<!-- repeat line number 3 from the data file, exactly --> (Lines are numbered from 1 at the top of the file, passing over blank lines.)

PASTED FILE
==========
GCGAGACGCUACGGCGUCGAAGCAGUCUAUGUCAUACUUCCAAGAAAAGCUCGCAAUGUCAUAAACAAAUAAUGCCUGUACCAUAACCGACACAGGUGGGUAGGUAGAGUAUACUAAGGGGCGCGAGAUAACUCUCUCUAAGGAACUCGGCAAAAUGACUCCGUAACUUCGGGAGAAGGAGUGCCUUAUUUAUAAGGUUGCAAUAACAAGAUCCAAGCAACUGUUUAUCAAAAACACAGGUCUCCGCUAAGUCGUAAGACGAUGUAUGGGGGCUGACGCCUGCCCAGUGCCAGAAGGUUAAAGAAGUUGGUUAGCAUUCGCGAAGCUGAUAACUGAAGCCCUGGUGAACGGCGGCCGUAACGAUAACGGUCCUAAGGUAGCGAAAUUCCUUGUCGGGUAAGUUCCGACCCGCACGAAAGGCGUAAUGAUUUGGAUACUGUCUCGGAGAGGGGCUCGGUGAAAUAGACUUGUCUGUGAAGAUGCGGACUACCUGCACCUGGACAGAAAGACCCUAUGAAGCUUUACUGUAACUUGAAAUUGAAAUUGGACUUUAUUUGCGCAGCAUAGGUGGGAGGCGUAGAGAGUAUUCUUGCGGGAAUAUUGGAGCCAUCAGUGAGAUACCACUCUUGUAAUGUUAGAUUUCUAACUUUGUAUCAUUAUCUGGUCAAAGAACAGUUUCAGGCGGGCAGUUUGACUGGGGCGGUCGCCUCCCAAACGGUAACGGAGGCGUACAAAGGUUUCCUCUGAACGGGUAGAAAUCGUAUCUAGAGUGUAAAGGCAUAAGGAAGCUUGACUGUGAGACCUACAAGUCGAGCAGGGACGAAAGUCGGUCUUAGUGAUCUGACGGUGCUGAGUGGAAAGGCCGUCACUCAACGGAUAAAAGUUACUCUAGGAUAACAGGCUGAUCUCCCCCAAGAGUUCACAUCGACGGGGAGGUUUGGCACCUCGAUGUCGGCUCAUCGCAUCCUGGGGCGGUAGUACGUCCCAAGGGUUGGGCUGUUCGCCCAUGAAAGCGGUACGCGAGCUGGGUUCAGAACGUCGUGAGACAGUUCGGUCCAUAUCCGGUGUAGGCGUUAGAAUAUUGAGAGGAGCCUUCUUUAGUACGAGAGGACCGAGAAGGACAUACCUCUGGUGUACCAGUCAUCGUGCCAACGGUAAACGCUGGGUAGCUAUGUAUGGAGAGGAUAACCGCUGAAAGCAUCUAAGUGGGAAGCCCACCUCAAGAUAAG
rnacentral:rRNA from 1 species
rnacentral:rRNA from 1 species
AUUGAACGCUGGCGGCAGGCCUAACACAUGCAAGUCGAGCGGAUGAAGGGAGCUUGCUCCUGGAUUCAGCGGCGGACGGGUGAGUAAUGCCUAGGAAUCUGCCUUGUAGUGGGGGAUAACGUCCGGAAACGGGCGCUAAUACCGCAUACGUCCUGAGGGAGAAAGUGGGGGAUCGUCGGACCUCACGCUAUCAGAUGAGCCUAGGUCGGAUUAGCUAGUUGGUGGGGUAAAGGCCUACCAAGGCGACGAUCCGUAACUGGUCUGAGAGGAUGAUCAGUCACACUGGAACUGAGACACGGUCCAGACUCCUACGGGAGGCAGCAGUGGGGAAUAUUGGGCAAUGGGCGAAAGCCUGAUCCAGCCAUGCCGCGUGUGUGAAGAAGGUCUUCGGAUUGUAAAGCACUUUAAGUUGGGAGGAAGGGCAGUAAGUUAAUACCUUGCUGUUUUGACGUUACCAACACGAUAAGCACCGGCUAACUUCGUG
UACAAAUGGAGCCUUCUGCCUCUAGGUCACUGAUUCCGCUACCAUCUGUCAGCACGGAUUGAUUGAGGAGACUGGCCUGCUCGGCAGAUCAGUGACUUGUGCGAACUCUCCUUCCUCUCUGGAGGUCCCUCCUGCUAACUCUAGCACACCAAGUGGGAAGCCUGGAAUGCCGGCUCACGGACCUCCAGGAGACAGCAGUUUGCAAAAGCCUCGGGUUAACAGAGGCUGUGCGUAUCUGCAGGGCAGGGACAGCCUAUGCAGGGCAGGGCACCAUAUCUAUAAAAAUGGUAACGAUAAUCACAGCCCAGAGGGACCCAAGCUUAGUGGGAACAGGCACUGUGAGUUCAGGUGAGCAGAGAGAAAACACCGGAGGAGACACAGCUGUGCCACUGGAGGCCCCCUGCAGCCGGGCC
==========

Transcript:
rnacentral:rRNA from 1 species